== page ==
• Barbeque or barbecue? No wonders folks just say BBQ. I use both spellings, depending on how I feel, and I think I can safely blame the barbeque spelling on the fact that Canada is supposedly bilingual and if “barbeque” isn’t French, well, it should be. ūüôā Link¬†that says the barbeque spelling is likely Spanish…
  • License or Lisence or Licence?¬†I spell it the first way, but I often check, because a lot of times the British spelling in certain words will have an S while the American spelling has a C, or vice versa. My auto-correct says that both license and licence are correct and lisence is all types of wrong! it looks like I’m spelling American when it comes to License.
  • Onomatopoeia. I always forget the last O and spell Onomoatapeia. If you look at the photo graphic, it appears I’ve also left off the i, but I haven’t. You can see the dot of the i, but my writing can get pretty messy and in this case I’ve flowed the majority of the i from that weird little E right before it. ūüėČ
  • Supercalafragalisticexpealidocious. I mean, come on, who gets that right? I’m blaming my misspelling on the fact that it’s not a “real” word, but it’s certainly in the lexicon, isn’t it? By the way, the Interwebs¬†says the real spelling is¬†supercalifragilisticexpialidocious, so I confused some As for Is, or the other way around.
  • What words do you always spell wrong?

Find Me on Instagram!

Sunday, April 10th, 2016

I’m on Instagram¬†now and quite enjoying it. I’m basically posting pictures of Allie McBeagle¬†and my travel adventures. As I go on, I’ll add slice-of-life and publishing/author life photos. Wanna follow me?

Click www.instagram.com/cindyprocterking

(This PSA brought to you by Spell Procter with an E!.Org)

(It doesn’t exist, but it should).

Chile and Patagonia 2016 – Windows to the Sea and Last of Easter Island (Sob)

Friday, April 8th, 2016

Date Explored: February 2, 2016

Our second day with our rental vehicle began last post, during which we visited Orongo Village. But we wanted to catch one of the Tapati Festival events. Seeing as SILly and BILly are “horsey folks,” we decided to attend the horse race. Turns out it was being held on the very road we had driven the day before. So we headed back there and parked and gathered with the other tourists and Chileans. Photos:

Clint Eastwood move over.

Clint Eastwood move over.

We were right at the side of the road, but you have to be on your feet so you can quickly jump outta the way (quick on your feet, one might say).

We were right at the side of the road, but you have to be on your feet so you can quickly jump outta the way (quick on your feet, one might say).

I'm pretty sure this guy won.

I’m pretty sure this guy won.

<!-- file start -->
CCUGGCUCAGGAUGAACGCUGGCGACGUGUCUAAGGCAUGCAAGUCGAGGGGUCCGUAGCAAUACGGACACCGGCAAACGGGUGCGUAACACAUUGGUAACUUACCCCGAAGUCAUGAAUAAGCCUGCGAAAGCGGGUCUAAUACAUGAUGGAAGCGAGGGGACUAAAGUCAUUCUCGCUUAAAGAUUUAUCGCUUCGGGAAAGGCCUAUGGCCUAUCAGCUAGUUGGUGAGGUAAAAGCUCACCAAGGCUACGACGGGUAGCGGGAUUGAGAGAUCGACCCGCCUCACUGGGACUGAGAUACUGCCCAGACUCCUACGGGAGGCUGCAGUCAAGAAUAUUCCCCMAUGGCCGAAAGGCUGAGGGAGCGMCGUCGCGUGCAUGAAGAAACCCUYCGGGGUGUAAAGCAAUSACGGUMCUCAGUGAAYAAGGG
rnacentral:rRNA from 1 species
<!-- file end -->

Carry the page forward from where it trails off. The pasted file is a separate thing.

This sporting lad was also in the race! After the race was over...

This sporting lad was also in the race! After the race was over…

“Attending a Tapati event” accomplished, we continued exploring the island. Finally, in the afternoon, there was a spot on the map we hadn’t visited yet. There was some discussion about whether we should stop to see “another” big giant head (oh, so jaded we were by then!) or head back to the cabanas for some wine. I can’t recall who was in charge that day, but it was likely SILly or myself, because we made the wise choice to visit every site we could while we had the rental vehicle. So we drove until we hit a semblance of a parking lot, for what we had no clue, but we knew it was a parking lot because there were some guys there not allowing us to drive any further on the rutted road. We were to park and walk for twenty minutes (at a brisk pace, I must say) to see whatever we were to see.

So we did that.

I recall about halfway on the walk some muttering and complaining about whether we should continue because we were not quite sure where we were going. But along the way we would encounter the odd person or couple making their way back from the spot. There was always a language barrier, but the gist of these conversations was that our journey would be worth it.

Finally, we reached a little area on the right that looked set up to sell souvenirs. There was a woman there but no souvenirs, so it was likely siesta time. On our left we could see the ocean and a chicken-scratched sign. We tried to make out the words on the sign. Now, everywhere else we went on Easter Island had matching, very-easy-to-read signs. This site, I don’t know if the signs had been removed or stolen or were simply taking a siesta, but we made out some words we eventually realized could be interpreted as “Windows to the Sea,” or the¬†Ana Kakenga Caves, as we realized looking at our map again later.

We looked up from the chicken-scratch sign. There was a dog several feet ahead, and, wait, was that a person climbing out of the ground? We had to go find out.

This poor doggy (lots of dogs on Easter Island, sitting under the rush umbrellas on the beach, napping) was monitoring the humans climbing in and out of this hole in the ground. A human emerged, so we attempted communication with our bad Spanish. Our foursome decided to descend into this:

Rapa_2_windows

The first attempt was not successful. You see, we had neglected to bring a flashlight and the batteries of both cell phones we had with us were dying. BILly attempted to descend first and declared that our light might not make it. So he and I wimped out and went to look at this lovely view below: